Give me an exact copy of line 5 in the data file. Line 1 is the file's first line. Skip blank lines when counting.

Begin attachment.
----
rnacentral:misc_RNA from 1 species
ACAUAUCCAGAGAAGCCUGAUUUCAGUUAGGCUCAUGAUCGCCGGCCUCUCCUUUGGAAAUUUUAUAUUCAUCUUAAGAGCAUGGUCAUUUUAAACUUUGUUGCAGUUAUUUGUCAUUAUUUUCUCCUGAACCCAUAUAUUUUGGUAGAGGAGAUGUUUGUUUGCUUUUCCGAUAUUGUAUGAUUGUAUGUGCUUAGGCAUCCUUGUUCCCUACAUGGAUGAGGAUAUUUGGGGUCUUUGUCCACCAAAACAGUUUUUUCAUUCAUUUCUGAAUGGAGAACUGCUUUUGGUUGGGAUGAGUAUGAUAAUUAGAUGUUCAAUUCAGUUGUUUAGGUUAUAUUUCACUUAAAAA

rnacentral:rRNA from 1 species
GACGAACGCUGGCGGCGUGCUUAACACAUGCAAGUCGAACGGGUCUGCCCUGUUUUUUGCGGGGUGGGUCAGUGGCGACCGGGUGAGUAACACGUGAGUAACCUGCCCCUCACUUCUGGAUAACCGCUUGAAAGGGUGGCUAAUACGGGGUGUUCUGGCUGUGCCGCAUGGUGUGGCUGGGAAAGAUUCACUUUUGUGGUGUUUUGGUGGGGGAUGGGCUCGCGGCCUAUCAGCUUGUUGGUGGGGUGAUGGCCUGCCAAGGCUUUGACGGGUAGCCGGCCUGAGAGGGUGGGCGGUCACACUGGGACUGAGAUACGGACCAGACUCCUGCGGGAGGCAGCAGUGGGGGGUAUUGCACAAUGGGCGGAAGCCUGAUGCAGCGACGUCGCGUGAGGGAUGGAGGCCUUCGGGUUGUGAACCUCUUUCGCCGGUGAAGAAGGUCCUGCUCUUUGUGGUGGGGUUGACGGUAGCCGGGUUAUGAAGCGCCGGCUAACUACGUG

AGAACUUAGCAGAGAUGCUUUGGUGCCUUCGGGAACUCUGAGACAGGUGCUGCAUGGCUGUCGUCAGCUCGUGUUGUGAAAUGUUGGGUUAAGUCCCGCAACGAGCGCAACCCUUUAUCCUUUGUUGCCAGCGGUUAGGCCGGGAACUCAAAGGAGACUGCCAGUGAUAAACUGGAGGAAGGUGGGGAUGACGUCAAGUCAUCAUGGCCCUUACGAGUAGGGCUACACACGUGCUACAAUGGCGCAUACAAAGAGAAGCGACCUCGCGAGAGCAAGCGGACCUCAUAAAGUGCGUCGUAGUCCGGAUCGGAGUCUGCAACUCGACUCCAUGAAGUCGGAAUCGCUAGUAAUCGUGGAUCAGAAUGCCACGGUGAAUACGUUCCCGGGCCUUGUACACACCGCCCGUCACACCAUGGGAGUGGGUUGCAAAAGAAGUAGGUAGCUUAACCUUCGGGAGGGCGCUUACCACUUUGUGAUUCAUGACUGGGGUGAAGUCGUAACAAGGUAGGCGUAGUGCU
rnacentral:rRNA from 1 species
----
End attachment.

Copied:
AGAACUUAGCAGAGAUGCUUUGGUGCCUUCGGGAACUCUGAGACAGGUGCUGCAUGGCUGUCGUCAGCUCGUGUUGUGAAAUGUUGGGUUAAGUCCCGCAACGAGCGCAACCCUUUAUCCUUUGUUGCCAGCGGUUAGGCCGGGAACUCAAAGGAGACUGCCAGUGAUAAACUGGAGGAAGGUGGGGAUGACGUCAAGUCAUCAUGGCCCUUACGAGUAGGGCUACACACGUGCUACAAUGGCGCAUACAAAGAGAAGCGACCUCGCGAGAGCAAGCGGACCUCAUAAAGUGCGUCGUAGUCCGGAUCGGAGUCUGCAACUCGACUCCAUGAAGUCGGAAUCGCUAGUAAUCGUGGAUCAGAAUGCCACGGUGAAUACGUUCCCGGGCCUUGUACACACCGCCCGUCACACCAUGGGAGUGGGUUGCAAAAGAAGUAGGUAGCUUAACCUUCGGGAGGGCGCUUACCACUUUGUGAUUCAUGACUGGGGUGAAGUCGUAACAAGGUAGGCGUAGUGCU